Georg Roemer

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Georg Roemer or Römer (born January 19, 1868 in Bremen or Breslau , † January 25, 1922 in Munich ) was a German sculptor and medalist .


Roemer studied in Dresden, Berlin, Paris, Rome and Florence. He was a student of Adolf von Hildebrand .

In the art of medals, Roemer was one of the few who still cut their stamps directly, without using the reduction machine.

The reliefs in the main cornice of the sandstone facade of the city ​​theater opened in Lübeck in 1908 are a work of his. The middle field shows Apollo and the nine muses , with comedy and tragedy on each side . The group of caryatids and atlases carrying the gable triangle is the work of the Hamburg-based sculptor Karl Weinberger .

For during the First World War under the leadership of Harry Maasz nascent Lübeck Ehrenfriedhof he created in 1915 the memorial of the fallen in August of the previous year son Ida Boy-Ed . This and the memorial stone of the war volunteer Carl Schütt were the first two local memorial stones.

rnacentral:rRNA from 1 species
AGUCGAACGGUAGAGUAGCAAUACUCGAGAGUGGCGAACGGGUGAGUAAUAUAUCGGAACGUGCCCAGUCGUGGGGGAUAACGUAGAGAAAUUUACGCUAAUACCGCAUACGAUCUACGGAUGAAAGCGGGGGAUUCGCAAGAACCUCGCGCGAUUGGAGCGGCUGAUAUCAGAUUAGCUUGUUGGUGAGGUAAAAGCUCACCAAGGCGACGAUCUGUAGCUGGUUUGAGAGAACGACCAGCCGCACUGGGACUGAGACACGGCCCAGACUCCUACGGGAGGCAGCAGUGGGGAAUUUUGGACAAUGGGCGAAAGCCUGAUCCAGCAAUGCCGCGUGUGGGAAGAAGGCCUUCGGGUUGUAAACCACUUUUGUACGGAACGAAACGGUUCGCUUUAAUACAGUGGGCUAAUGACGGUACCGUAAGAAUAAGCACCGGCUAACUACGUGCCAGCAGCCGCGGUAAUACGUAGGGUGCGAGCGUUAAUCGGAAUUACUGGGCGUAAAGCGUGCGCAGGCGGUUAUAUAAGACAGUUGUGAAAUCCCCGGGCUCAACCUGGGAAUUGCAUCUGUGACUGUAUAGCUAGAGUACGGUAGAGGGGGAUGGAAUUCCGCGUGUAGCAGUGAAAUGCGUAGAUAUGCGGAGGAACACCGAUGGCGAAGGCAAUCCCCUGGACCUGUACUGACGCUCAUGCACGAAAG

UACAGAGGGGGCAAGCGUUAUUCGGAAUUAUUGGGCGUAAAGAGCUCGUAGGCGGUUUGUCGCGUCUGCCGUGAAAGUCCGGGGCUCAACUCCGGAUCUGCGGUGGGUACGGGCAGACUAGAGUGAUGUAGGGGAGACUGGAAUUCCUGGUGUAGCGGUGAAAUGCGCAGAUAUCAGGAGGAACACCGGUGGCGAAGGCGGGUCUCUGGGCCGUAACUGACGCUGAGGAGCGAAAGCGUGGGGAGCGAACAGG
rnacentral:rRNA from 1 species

He made further reliefs for the Kunsthalle Bremen , which also received four bronze figures and the bust of Bremen's mayor Otto Gildemeister . He also created the monument to Ludwig Franzius for Bremen . At the New Bremen Town Hall he created two councilor statues made of copper for the senate gable, the Fortuna statue on the roof turret and the sculpture Past and Future in the ballroom. In Munich he set a fountain and made a spear carrier for the great hall of the Ludwig Maximilians University in Munich .

Web links

Commons : Georg Roemer  - Collection of images, videos and audio files

Individual evidence

  1. ^ ROEMER, Georg (1868 - 1922), sculptor, medalist. In: Benezit Dictionary of Artists. Retrieved September 25, 2017 . Print version January 2006 ISBN 978-0-19-977378-7 ; Online version November 2011 e- ISBN 9780199899913 ; Roemer, Georg (1868). In: General Artist Lexicon . 2017, Retrieved September 25, 2017 . Berlin, Boston: KG Saur.
  2. Römer, Georg . In: Hans-Michael Körner (Ed.): Large Bavarian Biographical Encyclopedia . Walter de Gruyter, 2005, ISBN 978-3-11-097344-0 , p. 1630 ( limited preview in Google Book search). So does Prof. Georg Roemer. German Society for Medal Art, accessed on September 25, 2017 .
  3. ^ L. Forrer: Biographical Dictionary of Medallists . Roemer, Georg in: Volume V. Spink & Son Ltd, London 1912, p. 149 ( ).